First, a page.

Natural resources

The gifts from Papatuanuku (Mother Earth) are the bases for healthy learning experiences. Natural resources are aesthetically pleasing, while providing hands-on experiences for children.

A wide range of materials is appropriate for use by children of all ages. Exposure to natural materials offers opportunities to develop theories about how things work in the living, physical and material worlds. Exploring natural materials provides an early science experience.

Natural materials help children develop:

  • An appreciation of the natural world – sounds, textures, tastes, and smells
  • A sense of curiosity
  • A desire to experiment

Setting up a natural resource area

Natural resources can be part of the items provided in most areas of play (collage, carpentry, clay, painting, etc.). They can also be used in a separate display on a table or shelves for children to touch, smell, pick up, and observe. A natural resource display could include:

  • A selection of natural materials, such as shells, bark, sponges, bulrush, etc.
  • Aquarium, pot plants, wormery, magnifying glasses
  • Posters, books and information about the natural world 

Other natural resources suitable for use in playgroups

Shells, stones, seeds, leaves, flowers, branches, logs, driftwood, seaweed, moss, lichen, rocks, sticks, pine cones, seedlings, plants, bones, fur, feathers, and flax.

For children under three, all items should be too large to fit in a film canister, for safety. All items should be non-poisonous.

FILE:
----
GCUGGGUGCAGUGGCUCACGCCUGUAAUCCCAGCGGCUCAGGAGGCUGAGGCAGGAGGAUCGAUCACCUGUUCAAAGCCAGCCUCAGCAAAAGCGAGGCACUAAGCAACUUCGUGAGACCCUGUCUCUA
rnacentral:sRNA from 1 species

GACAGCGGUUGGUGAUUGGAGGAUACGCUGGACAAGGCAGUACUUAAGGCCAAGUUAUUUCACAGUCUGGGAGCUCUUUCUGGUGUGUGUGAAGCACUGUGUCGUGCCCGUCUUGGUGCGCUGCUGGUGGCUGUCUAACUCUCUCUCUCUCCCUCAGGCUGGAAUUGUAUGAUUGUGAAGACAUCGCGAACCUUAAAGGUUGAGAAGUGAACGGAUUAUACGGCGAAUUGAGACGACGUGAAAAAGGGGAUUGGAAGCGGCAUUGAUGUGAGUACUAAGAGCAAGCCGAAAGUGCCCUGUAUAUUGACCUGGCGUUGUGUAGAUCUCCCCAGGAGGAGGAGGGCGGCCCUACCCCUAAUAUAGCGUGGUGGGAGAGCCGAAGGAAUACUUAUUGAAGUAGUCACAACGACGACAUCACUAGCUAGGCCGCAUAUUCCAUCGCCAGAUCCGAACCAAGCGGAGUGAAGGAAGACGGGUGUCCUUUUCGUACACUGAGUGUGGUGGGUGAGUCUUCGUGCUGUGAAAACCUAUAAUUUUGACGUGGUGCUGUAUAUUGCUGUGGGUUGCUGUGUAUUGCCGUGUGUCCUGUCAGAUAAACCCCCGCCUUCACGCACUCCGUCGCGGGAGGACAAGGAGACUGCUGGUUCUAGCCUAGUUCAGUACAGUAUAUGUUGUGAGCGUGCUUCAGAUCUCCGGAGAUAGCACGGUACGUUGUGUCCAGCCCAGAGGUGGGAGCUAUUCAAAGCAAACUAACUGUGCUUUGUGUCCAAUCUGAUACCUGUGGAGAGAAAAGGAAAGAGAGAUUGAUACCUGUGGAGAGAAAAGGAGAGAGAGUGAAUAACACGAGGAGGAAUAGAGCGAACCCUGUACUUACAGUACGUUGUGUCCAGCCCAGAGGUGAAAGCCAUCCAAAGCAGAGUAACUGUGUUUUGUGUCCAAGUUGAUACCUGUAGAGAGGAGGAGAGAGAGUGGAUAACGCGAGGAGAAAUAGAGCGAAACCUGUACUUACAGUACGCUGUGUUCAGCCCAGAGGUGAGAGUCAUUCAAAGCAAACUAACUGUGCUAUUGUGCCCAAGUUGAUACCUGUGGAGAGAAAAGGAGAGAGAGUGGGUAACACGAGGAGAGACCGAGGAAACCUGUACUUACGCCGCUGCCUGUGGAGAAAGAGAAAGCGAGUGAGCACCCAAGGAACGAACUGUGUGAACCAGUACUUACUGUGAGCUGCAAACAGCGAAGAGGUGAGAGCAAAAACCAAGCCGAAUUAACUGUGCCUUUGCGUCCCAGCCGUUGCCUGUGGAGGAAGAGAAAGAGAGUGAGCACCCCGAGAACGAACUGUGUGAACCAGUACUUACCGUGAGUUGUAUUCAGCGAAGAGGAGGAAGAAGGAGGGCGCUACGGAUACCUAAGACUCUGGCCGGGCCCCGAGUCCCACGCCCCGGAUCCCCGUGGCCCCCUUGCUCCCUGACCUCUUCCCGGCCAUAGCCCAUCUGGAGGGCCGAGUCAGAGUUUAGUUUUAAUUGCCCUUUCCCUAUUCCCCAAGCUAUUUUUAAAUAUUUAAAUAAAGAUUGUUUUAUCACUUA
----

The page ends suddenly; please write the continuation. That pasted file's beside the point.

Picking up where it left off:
Ideas for using natural resources

  • Seriation - place shells or stones in a row from smallest to largest
  • Threading - thread holey shells, leaves, etc. onto a thick string
  • Sorting and matching - sort stones, shells, flowers, etc. into groups of the same colour, size or shape
  • Pressings - use leaves, shells or nuts to make patterns in clay or dough
  • Painting - paint on stones, driftwood, large leaves
  • Weaving - use flax or palm leaves for simple weaving activities. Weave string between branches, add feathers, wool, etc.
  • Leaf rubbings - place thin paper over a leaf, lightly rub a crayon over the paper to make a pattern
  • Collage - a wide range of natural resources can be used for collage. 

Adults can help

  • Encourage discussions about the materials
  • Encourage awareness of all the wonderful natural resources in our areas
  • Share knowledge of the natural world
  • Join children in experimenting with the materials
  • Bring new items for display and display them attractively 

Last updated: 7 July 2009